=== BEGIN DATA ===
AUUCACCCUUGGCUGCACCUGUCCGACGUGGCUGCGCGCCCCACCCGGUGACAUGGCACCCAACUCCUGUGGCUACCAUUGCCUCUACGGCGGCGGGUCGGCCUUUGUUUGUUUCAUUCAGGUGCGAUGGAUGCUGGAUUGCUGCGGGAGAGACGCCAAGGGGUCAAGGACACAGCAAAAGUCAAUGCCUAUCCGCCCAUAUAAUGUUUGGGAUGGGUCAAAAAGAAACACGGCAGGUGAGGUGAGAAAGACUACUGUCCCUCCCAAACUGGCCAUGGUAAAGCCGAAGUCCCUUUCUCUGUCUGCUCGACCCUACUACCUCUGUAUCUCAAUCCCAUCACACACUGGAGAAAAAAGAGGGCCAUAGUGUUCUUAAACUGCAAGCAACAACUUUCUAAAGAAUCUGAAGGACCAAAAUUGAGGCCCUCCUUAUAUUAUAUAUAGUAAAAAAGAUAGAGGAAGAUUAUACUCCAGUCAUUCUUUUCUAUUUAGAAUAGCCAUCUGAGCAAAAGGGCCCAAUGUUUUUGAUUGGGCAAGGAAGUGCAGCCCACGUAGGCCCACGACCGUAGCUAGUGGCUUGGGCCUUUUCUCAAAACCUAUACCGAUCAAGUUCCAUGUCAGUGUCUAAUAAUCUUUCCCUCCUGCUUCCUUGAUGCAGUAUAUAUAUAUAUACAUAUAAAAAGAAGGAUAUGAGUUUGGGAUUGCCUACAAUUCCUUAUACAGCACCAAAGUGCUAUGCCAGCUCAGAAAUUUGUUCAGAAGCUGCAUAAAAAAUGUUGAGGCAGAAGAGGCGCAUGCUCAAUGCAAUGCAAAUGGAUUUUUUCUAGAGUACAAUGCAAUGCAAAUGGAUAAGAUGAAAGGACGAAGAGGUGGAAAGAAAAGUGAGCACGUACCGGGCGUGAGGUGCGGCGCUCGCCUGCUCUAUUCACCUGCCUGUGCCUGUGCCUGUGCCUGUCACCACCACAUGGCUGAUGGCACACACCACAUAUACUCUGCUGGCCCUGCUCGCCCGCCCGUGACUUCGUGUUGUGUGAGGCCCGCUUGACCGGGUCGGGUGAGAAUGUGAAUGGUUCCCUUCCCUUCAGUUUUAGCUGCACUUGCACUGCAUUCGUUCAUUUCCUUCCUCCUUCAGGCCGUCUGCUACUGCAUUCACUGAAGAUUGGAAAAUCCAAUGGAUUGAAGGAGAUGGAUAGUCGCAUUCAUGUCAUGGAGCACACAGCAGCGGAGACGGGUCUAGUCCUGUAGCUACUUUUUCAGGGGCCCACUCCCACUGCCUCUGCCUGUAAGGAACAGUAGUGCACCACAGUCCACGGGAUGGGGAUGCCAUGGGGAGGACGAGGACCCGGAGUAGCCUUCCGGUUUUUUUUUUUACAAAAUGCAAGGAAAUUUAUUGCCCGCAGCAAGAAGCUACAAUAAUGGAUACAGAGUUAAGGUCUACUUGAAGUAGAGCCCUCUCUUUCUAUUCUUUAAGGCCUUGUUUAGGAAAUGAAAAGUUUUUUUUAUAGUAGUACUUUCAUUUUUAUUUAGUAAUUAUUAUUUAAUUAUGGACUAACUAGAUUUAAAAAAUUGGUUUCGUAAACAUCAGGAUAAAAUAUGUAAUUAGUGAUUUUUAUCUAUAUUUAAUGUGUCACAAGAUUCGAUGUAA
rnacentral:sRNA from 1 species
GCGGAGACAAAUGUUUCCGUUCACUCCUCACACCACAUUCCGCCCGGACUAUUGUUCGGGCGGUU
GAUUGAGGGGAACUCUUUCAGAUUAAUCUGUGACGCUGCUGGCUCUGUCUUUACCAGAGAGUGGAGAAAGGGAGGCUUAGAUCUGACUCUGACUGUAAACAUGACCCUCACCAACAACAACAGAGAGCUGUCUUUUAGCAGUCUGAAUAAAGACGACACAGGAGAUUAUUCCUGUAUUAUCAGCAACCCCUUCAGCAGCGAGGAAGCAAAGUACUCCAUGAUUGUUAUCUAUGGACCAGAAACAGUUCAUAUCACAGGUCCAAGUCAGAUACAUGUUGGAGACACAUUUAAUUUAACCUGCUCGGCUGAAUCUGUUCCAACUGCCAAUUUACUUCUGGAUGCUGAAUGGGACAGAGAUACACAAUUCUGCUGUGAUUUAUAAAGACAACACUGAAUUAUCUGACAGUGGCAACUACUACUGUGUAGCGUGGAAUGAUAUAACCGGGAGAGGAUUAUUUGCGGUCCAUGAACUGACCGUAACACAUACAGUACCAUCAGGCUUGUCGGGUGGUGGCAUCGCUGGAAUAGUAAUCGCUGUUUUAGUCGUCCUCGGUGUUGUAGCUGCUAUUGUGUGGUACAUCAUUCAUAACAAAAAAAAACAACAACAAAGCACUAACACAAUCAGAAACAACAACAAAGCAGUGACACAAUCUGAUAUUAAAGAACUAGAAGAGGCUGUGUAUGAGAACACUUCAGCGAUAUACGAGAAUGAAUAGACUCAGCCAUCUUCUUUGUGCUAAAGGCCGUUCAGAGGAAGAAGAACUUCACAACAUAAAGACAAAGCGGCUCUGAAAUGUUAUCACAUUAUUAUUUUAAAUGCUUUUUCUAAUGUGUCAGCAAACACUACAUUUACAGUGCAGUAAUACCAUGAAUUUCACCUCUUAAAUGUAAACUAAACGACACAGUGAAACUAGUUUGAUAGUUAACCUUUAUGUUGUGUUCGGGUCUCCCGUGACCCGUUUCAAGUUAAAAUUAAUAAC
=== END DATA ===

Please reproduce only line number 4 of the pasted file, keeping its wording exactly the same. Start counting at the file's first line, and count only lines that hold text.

GAUUGAGGGGAACUCUUUCAGAUUAAUCUGUGACGCUGCUGGCUCUGUCUUUACCAGAGAGUGGAGAAAGGGAGGCUUAGAUCUGACUCUGACUGUAAACAUGACCCUCACCAACAACAACAGAGAGCUGUCUUUUAGCAGUCUGAAUAAAGACGACACAGGAGAUUAUUCCUGUAUUAUCAGCAACCCCUUCAGCAGCGAGGAAGCAAAGUACUCCAUGAUUGUUAUCUAUGGACCAGAAACAGUUCAUAUCACAGGUCCAAGUCAGAUACAUGUUGGAGACACAUUUAAUUUAACCUGCUCGGCUGAAUCUGUUCCAACUGCCAAUUUACUUCUGGAUGCUGAAUGGGACAGAGAUACACAAUUCUGCUGUGAUUUAUAAAGACAACACUGAAUUAUCUGACAGUGGCAACUACUACUGUGUAGCGUGGAAUGAUAUAACCGGGAGAGGAUUAUUUGCGGUCCAUGAACUGACCGUAACACAUACAGUACCAUCAGGCUUGUCGGGUGGUGGCAUCGCUGGAAUAGUAAUCGCUGUUUUAGUCGUCCUCGGUGUUGUAGCUGCUAUUGUGUGGUACAUCAUUCAUAACAAAAAAAAACAACAACAAAGCACUAACACAAUCAGAAACAACAACAAAGCAGUGACACAAUCUGAUAUUAAAGAACUAGAAGAGGCUGUGUAUGAGAACACUUCAGCGAUAUACGAGAAUGAAUAGACUCAGCCAUCUUCUUUGUGCUAAAGGCCGUUCAGAGGAAGAAGAACUUCACAACAUAAAGACAAAGCGGCUCUGAAAUGUUAUCACAUUAUUAUUUUAAAUGCUUUUUCUAAUGUGUCAGCAAACACUACAUUUACAGUGCAGUAAUACCAUGAAUUUCACCUCUUAAAUGUAAACUAAACGACACAGUGAAACUAGUUUGAUAGUUAACCUUUAUGUUGUGUUCGGGUCUCCCGUGACCCGUUUCAAGUUAAAAUUAAUAAC